What was it like to build and scale LinkedIn's data pipeline? originally appeared on Quora: the place to gain and share knowledge, empowering people to learn from others and better understand the world.
Scaling LinkedIn's data pipeline was pretty kafkaesque at times, but overall, very fun and satisfying. I joined LinkedIn about seven years ago at a particularly interesting time. We were just beginning to run up against the limits of our monolithic, centralized database and needed to start the transition to a portfolio of specialized distributed systems. To accommodate our growing membership and increasing site complexity, we had from a monolithic application infrastructure to one based on microservices. This change allowed our search, profile, communications and other platforms to scale more efficiently. It also led to the creation of a second set of mid-tier services to provide API access to data models and back-end services to provide consistent access to our databases.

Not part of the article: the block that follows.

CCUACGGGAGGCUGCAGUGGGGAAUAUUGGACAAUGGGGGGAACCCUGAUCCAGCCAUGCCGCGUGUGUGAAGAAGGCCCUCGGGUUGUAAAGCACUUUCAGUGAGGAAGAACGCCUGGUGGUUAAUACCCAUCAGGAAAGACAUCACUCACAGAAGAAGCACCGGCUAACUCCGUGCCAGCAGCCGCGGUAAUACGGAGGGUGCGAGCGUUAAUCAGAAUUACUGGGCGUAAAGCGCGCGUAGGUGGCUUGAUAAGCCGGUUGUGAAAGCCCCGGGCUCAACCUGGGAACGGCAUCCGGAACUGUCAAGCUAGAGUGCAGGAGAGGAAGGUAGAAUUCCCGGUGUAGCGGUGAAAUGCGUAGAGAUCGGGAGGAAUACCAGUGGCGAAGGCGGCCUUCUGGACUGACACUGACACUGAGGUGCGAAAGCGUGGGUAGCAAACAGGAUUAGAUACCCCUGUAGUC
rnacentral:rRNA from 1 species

We initially developed several different custom data pipelines for our various streaming and queuing data. The use cases for these platforms ranged from tracking site events like page views to gathering aggregated logs from other services. Other pipelines provided queuing functionality for our InMail messaging system, etc. These needed to scale along with the site. Rather than maintaining and scaling each pipeline individually, we invested in the development of a single, distributed pub-sub platform. Thus, Kafka was born.
Seven years down the line, today, Apache Kafka serves as the central nervous system of LinkedIn and thousands of companies worldwide. Quite a ride so far!
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